The Beliefs and Affirmations that make us who we are
Written by Trilby Johnson
Our beliefs are the building blocks of our identity. As they stack together one after the other, throughout childhood and later life, they create the tapestry of our personalities and from this, the identity that we cultivate begins to take shape and form. We become what we believe, both consciously and unconsciously. On one level, this may offer insight into who we are and how we live life. Nevertheless, very often, on a more personal and individual level, the beliefs we hold may leave us feeling a fraud or unfulfilled and very confused, with the desire to explore and experience more…
This happens when the beliefs we have been taught and are holding onto, are not our own and rather a product of socialization and indoctrination. When a belief is a good one, it can be very good and lead to positive experiences. When a belief is a bad one, it can be very bad and lead to limiting or disempowering experiences. It’s important to be aware that not all beliefs are created equal!
Many people consider that a belief is the same as the truth. A belief and what is true, are not necessarily the same thing, however a belief will certainly influence the type of experiences we have as individuals. If we think of a belief systems as a type of filter, this becomes easier to understand. In particular on a cognitive level, this distinction is important to highlight – beliefs are forms of habitual thinking that build and trigger strong neural responses.
This is one reason, that a strong belief may be difficult to challenge or change, as it is deeply embedded into a person’s behavioural patterns. Not to mention the fact that most of us have several predominant beliefs that are running the show.
In addition to this, a belief rarely stands alone and is joined with one or several other beliefs – known as associations – that weave together to create a web of belief systems. For example, if we have the belief that money is the root of all evil, this will activate a multitude of beliefs around money and what kinds of behaviours are considered good and evil. This comparative process is often subconscious and yet very powerful, which can leave many of us feeling torn in two when it comes to making choices in our daily lives and living up to our beliefs. Conflict usually arises however, when we are confronted by two or more main beliefs.
Confusion, in my opinion, is usually a signal that one or more beliefs are being challenged. This can be a good thing, when the belief being challenged is outdated or simply no longer accurate. In instances like this for example, I have found it helpful to ask targetted questions and to identify the principle belief(s) at play. Is this true for me? Is a powerful question that can offer a feeling of inner relief, clarity as well as inviting in new possibilities.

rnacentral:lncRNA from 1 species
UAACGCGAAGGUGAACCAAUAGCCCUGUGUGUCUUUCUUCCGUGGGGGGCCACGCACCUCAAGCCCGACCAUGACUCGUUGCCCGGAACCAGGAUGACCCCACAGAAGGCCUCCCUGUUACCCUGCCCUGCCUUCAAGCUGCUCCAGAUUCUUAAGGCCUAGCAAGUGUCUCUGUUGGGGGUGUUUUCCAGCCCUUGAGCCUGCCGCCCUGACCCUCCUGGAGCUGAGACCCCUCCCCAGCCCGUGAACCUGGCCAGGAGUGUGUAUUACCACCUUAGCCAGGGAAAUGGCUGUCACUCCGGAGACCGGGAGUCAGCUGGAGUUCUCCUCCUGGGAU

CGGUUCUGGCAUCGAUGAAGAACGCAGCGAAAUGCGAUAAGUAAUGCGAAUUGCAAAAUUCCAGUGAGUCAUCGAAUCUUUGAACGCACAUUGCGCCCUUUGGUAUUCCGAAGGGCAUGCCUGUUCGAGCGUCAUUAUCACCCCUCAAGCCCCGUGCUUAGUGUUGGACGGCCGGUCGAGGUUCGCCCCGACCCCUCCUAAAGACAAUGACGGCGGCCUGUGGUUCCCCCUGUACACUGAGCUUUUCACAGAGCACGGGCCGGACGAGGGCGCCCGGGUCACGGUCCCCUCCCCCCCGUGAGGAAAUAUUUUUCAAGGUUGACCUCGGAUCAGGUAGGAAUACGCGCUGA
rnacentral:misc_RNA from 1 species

Affirmations are also a practical first step to retrain our brains and thus breaking a habit of thinking. It was the amazing and inspiring Louise Hay (1927-2017) who first introduced me to affirmations. These are statements that are formulated positively and in the present tense. At this time in my life, I held the beliefs that I was unlovable, unloved and not good enough. This didn’t feel great at all and I really wanted to feel better about myself. Louise’s work on affirmations helped me learn how to begin to change these limiting beliefs.
I can still remember the wonder and excitement I felt at the time. I knew I was in the presence of what I wanted to hear and believe, even if at first it wasn’t quite yet comfortable. When I first begin affirming, ‘I love myself’ it was really difficult. The words sounded so strange and unfamiliar to me – it actually felt uncomfortable. I liked how saying them and writing them down made me feel about myself though and I kept on with them. Today I use affirmations intentionally to create and generate new and empowering mindset patterns and it helps me to incorporate positive and supportive beliefs that I can think throughout the day. It’s how I remind myself that I am a Conscious Creator co-creating with Life itself.
Our beliefs make us who we are, for the simple reason that we believe them. Herein lies the power and the weakness of beliefs. They can make us weak and strong, empowered and disempowered, believable or a fraud. The critical factor is to remember that although they make us, we can choose and change them. We have and are the power! We just have to believe it and then follow through to make our dreams become true.
Than you so much for reading, much love to you
Trilby Johnson is an Author, Speaker and Body Energy Alchemist. She supports forward thinking individuals to organically resolve core emotional and physical pain and blocks that may be holding them back from living happy, healthy and successful lives. Find out more at www.trilbyjohnsontheconnective.com